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How to organise a bedroom

A well-organised bedroom can make a big impact on your life! Check out our top 5 tips for organising and decluttering your bedroom.


Reading Time: 5 minutes

By Cleanipedia Team

an clean bed demonstrating how to clean a bedroom
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Key steps

  1. A good way to get a tidy room is by making an inventory of what your main storage units contain – this will help you to see which items are in the correct unit, and what should be where. If you need help making the most of the space in a small bedroom, read our advice on bedroom storage solutions.

  2. It’s best to organise your belongings into type – there’s no way of getting around this, but the results will be worth it. Begin by emptying everything.

  3. Make a separate pile for items that you know you don’t really have room for, or that could go in other rooms of the house.

  4. Use this opportunity to clean your bedroom thoroughly - follow our guide to bedroom cleaning to learn how to stay on top of this chore.

Bedrooms are often the messiest rooms in the house. They tend to be the place we put things when we’re not really sure where they belong – and that’s not the best recipe for having a tidy room.

Fortunately, we’ve devised a way to declutter and organise the bedroom that should take less than a single afternoon. Less fortunately, it will involve a bit of planning – but the sooner you start, the sooner you can move on to more enjoyable things. And if you really don't have time? Just follow our tips on how to make your bedroom look and feel clean without really trying.

If your bedroom has a slight clutter problem, vertical storage is your friend – increase your floor space by installing extra shelves, hooks, and wall cupboards if necessary. Moving everything up off the floor and surfaces will make your room feel larger instantly.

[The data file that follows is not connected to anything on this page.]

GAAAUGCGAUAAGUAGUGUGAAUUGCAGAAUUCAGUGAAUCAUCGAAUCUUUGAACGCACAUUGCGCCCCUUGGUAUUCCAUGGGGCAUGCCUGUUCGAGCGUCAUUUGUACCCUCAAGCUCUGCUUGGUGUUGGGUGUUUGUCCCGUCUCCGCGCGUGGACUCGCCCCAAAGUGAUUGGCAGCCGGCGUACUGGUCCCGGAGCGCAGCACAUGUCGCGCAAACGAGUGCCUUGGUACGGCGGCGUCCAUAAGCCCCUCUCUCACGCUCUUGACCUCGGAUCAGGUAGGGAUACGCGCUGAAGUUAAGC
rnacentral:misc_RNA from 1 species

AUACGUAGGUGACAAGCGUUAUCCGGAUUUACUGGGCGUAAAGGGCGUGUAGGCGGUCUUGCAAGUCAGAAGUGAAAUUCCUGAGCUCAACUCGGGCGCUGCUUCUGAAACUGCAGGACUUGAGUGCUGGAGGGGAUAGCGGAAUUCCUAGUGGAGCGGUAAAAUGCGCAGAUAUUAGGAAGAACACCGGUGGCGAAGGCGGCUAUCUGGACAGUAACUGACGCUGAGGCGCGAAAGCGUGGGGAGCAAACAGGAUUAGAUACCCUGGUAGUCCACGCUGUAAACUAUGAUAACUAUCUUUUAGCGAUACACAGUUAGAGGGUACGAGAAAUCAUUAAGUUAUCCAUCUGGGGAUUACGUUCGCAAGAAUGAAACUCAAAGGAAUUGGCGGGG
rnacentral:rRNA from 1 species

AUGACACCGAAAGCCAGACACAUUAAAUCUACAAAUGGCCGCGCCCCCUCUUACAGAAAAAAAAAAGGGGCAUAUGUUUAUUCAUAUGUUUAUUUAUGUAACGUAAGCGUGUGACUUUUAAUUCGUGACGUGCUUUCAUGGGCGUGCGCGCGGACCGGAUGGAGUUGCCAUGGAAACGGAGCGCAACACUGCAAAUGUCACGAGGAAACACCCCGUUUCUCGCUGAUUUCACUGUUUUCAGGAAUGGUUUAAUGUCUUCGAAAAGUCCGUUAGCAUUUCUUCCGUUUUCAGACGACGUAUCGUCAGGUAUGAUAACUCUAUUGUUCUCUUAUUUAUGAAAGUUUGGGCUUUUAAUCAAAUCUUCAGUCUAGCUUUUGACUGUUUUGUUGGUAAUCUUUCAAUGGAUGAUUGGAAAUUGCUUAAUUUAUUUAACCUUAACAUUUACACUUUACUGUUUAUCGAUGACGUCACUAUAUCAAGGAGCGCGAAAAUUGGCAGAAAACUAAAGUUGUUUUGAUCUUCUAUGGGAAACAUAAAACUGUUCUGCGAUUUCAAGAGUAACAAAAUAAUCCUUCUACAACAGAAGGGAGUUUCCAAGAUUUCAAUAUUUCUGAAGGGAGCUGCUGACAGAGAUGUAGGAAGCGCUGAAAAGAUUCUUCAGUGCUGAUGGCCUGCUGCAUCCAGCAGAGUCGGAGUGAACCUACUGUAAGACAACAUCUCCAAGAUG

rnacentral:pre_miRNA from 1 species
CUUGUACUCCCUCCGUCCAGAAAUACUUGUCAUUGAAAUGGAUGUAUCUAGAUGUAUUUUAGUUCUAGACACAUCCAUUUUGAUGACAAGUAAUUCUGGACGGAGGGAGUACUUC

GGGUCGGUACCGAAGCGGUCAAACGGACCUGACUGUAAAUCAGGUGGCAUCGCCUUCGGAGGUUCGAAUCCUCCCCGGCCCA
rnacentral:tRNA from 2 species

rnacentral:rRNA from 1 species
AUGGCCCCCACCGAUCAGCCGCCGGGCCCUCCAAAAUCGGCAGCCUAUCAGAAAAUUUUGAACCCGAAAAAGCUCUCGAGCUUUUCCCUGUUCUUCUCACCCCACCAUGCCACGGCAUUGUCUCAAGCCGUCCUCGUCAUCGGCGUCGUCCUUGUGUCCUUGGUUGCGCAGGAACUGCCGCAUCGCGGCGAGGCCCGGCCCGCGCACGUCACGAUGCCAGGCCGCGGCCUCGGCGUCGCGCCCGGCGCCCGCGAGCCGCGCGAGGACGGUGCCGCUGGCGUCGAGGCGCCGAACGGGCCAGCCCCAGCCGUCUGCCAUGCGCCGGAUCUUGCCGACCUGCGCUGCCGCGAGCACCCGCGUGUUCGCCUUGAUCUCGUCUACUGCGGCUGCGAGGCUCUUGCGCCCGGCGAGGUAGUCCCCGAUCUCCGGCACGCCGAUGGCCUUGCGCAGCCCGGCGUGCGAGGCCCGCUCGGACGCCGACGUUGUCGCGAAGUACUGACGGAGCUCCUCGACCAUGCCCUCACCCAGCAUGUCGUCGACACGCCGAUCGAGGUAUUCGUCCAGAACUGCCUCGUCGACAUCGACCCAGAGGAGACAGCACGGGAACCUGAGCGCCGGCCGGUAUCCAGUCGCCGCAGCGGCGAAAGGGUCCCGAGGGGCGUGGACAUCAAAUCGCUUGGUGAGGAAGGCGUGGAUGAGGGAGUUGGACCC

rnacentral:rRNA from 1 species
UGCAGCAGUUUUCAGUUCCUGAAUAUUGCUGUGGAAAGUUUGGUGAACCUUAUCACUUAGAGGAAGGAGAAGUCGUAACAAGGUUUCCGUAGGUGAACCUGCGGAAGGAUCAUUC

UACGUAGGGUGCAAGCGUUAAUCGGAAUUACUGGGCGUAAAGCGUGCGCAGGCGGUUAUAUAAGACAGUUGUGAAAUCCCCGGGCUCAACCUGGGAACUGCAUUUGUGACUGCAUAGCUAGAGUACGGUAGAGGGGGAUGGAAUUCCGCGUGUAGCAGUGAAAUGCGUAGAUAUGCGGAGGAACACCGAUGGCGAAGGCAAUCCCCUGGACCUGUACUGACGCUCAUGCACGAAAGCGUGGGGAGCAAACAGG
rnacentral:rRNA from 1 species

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How to organise a bedroom

1. Find out what you’re working with.

First of all, make an inventory (from left to right or far wall to door, it really doesn’t matter how you do it) of every storage unit in the room. This could include the wardrobe, any chests of drawers, under the bed, the bookshelves, and any large boxes or other containers you have to hand.

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(For the purposes of this exercise, the floor does not count as a storage unit.)

2. Empty absolutely everything.

Take everything that’s currently in these units out. Empty your wardrobe. Empty your drawers. Evict the spiders from under the bed and move everything that’s in there out. Pile it all up in the middle of the room.

(This is the hardest part of the process. But trust us, it’ll make things a lot easier down the line.)

3. Organise bedroom belongings by type.

How you organise your belongings will depend on what you have to store them. We recommend doing it by type: Clothes go in one pile, books in another, records and CDs in another, and so on. Once you’ve done this, you’ll have a solid idea of how much space everything you own is likely to take up in the bedroom, and thus a better idea of where it should all be stored.

Make a separate pile for any objects that are particularly large or bulky. The “oversize” category should be put back in place first – build the organisation of the rest of the room around them.

Next, make another special pile for anything you know you won’t have room for. Then split it into the things that you need to move out of the bedroom, and the things you actually need to throw out full stop. Yes, we know: parting with your Barry Manilow collection will be tough. But ultimately, it’s the right thing to do.

If you’re feeling particularly charitable, you can elect to put some of your refuse into a donate/sell pile. This way, Barry can find a new home, and you may even be able to make a little extra pocket money selling these unwanted items on eBay, Gumtree, or other similar websites.

4. Designate each pile to a particular storage area.

Bookshelves? Those are where the books live. Wardrobe? Clothes. And so on down the line. Once you know where everything’s going to go…

5. Put everything back where it’s supposed to be.

Once you’ve done that, you’ll be the proud owner of a tidy, organised bedroom, and you can store yourself safely in the bed.

Originally published